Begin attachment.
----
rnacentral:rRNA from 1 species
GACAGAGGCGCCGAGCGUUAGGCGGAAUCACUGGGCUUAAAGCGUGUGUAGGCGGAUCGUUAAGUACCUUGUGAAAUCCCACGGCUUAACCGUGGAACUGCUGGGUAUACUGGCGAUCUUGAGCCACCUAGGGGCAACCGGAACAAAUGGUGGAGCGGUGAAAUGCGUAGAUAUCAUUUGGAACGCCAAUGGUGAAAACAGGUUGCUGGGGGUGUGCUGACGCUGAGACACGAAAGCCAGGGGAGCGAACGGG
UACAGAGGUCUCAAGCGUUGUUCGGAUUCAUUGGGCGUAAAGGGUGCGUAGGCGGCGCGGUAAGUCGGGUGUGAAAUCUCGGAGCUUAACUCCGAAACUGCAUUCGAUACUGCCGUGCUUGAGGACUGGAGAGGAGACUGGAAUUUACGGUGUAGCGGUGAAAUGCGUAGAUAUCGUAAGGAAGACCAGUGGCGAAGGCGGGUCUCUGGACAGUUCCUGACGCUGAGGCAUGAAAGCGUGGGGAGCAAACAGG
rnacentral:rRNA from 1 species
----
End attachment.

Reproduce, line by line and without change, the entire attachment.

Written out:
rnacentral:rRNA from 1 species
GACAGAGGCGCCGAGCGUUAGGCGGAAUCACUGGGCUUAAAGCGUGUGUAGGCGGAUCGUUAAGUACCUUGUGAAAUCCCACGGCUUAACCGUGGAACUGCUGGGUAUACUGGCGAUCUUGAGCCACCUAGGGGCAACCGGAACAAAUGGUGGAGCGGUGAAAUGCGUAGAUAUCAUUUGGAACGCCAAUGGUGAAAACAGGUUGCUGGGGGUGUGCUGACGCUGAGACACGAAAGCCAGGGGAGCGAACGGG
UACAGAGGUCUCAAGCGUUGUUCGGAUUCAUUGGGCGUAAAGGGUGCGUAGGCGGCGCGGUAAGUCGGGUGUGAAAUCUCGGAGCUUAACUCCGAAACUGCAUUCGAUACUGCCGUGCUUGAGGACUGGAGAGGAGACUGGAAUUUACGGUGUAGCGGUGAAAUGCGUAGAUAUCGUAAGGAAGACCAGUGGCGAAGGCGGGUCUCUGGACAGUUCCUGACGCUGAGGCAUGAAAGCGUGGGGAGCAAACAGG
rnacentral:rRNA from 1 species